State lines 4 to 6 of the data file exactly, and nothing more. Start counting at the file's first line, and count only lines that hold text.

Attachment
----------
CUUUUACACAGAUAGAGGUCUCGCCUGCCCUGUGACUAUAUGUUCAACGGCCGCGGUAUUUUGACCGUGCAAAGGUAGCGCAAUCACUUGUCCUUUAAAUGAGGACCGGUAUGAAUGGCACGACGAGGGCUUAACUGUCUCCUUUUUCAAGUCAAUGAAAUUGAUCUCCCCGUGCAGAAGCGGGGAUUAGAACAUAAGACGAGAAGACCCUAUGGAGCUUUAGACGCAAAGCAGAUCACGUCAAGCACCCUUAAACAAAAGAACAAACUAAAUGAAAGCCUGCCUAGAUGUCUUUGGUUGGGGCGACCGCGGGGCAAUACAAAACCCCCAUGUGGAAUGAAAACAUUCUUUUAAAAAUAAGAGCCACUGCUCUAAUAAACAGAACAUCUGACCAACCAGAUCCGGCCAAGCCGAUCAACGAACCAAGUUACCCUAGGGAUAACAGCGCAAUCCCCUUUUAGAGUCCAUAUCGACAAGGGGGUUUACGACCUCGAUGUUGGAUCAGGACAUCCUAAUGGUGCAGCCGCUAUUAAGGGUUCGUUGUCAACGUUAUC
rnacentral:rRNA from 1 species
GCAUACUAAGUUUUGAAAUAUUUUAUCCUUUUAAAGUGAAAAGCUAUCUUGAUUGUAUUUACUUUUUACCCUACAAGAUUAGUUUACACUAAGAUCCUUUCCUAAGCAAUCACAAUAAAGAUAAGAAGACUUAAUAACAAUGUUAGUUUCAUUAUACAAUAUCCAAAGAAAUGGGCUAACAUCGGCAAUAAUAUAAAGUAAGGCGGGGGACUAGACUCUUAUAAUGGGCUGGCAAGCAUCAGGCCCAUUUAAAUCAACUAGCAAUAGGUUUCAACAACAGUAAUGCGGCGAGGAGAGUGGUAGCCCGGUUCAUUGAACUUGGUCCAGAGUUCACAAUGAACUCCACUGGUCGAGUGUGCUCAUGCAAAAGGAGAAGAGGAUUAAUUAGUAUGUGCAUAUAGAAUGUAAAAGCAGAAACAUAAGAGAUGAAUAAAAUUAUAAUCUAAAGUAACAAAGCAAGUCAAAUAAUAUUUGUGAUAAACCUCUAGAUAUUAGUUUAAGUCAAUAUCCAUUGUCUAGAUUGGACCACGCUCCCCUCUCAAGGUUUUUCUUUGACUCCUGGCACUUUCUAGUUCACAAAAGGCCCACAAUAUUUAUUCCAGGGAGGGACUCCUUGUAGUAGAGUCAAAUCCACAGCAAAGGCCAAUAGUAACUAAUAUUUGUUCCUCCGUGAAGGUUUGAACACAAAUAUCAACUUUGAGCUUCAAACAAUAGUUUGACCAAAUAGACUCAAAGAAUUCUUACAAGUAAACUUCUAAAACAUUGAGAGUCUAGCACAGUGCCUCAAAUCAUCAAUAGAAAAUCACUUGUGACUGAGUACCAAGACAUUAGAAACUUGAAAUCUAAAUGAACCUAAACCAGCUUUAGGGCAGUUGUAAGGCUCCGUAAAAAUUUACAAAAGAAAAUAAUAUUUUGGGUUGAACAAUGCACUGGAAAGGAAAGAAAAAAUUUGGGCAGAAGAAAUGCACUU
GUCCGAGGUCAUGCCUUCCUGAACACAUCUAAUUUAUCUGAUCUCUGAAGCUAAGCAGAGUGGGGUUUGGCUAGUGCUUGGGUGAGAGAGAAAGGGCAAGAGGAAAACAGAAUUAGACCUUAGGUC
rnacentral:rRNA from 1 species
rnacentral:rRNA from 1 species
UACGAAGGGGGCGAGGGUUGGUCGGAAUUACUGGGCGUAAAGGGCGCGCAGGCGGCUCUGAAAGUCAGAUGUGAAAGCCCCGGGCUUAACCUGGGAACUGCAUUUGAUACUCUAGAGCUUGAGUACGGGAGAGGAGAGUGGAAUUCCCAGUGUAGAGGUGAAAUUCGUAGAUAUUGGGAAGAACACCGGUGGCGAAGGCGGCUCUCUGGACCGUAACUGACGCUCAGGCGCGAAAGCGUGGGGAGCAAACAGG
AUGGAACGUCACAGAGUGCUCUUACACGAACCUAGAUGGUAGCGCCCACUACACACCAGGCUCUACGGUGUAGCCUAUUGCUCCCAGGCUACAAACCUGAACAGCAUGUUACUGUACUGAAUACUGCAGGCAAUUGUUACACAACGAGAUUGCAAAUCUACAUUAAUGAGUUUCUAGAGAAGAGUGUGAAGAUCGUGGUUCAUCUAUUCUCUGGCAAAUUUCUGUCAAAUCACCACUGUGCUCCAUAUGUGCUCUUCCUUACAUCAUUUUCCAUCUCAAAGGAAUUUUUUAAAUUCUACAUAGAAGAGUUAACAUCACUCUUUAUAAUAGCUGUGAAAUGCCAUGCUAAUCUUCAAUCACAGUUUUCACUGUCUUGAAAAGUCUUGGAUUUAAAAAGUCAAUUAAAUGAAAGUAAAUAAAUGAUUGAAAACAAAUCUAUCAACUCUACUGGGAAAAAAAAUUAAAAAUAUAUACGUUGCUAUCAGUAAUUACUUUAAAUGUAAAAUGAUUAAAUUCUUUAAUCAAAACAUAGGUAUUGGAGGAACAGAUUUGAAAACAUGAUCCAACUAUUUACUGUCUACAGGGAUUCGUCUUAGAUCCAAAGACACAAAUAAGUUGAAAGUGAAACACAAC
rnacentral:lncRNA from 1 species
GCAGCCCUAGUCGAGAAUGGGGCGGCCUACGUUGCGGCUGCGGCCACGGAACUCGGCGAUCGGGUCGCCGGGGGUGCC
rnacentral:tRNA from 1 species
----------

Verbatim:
GUCCGAGGUCAUGCCUUCCUGAACACAUCUAAUUUAUCUGAUCUCUGAAGCUAAGCAGAGUGGGGUUUGGCUAGUGCUUGGGUGAGAGAGAAAGGGCAAGAGGAAAACAGAAUUAGACCUUAGGUC
rnacentral:rRNA from 1 species
rnacentral:rRNA from 1 species